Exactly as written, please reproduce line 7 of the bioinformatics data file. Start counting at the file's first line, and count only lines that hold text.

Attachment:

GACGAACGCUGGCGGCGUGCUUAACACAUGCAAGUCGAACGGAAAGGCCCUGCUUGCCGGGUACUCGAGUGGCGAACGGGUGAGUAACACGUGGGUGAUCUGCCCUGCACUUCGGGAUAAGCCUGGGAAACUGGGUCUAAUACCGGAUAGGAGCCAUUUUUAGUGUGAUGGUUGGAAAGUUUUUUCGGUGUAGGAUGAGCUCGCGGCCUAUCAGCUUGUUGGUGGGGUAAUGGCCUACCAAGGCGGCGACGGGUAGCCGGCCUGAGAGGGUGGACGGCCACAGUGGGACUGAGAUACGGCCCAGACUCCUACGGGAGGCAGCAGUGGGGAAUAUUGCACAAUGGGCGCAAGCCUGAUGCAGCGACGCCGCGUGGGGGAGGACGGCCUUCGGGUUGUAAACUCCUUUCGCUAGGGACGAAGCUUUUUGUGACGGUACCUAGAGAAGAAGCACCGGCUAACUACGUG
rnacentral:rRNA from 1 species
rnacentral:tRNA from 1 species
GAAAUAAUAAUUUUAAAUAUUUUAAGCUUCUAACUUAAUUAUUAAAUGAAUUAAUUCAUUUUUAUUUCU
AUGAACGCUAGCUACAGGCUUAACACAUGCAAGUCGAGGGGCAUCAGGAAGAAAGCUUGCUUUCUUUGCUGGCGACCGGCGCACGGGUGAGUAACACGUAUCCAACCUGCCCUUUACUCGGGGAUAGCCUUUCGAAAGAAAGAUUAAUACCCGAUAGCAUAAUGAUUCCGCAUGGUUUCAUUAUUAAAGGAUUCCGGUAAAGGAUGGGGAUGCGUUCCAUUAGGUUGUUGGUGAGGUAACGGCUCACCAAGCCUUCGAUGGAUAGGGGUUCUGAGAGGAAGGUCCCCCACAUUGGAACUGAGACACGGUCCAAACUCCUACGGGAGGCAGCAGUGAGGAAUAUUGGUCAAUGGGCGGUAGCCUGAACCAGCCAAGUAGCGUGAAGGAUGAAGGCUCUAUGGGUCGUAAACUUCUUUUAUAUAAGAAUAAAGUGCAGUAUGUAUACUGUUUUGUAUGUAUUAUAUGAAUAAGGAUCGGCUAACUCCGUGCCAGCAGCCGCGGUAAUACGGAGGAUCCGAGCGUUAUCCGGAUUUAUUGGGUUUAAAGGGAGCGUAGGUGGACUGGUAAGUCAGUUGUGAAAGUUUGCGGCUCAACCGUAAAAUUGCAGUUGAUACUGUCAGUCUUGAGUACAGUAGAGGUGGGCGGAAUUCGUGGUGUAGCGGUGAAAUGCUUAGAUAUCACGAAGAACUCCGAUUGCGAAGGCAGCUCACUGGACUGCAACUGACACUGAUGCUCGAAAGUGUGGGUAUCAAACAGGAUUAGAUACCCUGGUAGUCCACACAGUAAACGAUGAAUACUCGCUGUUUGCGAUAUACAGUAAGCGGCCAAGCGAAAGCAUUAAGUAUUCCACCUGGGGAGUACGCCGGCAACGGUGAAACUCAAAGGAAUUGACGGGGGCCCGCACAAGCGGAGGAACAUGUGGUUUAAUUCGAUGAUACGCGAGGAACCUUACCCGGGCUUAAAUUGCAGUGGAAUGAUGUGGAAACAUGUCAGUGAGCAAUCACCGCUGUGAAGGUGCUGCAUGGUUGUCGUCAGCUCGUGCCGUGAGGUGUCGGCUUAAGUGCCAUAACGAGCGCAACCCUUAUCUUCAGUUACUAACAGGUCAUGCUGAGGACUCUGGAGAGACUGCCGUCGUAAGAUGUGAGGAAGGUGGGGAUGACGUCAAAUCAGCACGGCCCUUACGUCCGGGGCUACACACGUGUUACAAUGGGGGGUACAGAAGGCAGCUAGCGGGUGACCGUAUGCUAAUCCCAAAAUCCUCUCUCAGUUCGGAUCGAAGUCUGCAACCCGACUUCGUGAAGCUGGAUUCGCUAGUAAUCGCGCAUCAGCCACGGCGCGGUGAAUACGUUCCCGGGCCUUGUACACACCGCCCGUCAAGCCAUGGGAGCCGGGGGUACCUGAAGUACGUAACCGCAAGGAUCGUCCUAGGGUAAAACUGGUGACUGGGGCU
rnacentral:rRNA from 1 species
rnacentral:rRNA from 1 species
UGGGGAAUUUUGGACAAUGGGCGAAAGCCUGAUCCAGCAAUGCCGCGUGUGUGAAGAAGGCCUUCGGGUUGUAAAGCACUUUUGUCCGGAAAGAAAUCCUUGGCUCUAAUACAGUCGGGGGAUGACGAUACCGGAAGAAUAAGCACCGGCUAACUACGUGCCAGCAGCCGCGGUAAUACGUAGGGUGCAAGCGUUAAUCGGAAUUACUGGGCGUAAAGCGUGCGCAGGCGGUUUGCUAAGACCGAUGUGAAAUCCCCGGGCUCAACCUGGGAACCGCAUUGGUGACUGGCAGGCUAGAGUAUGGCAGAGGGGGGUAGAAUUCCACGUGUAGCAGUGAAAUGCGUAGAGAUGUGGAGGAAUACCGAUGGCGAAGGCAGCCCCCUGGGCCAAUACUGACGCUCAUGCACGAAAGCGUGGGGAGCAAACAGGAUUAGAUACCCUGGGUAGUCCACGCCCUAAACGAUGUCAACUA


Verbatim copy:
rnacentral:rRNA from 1 species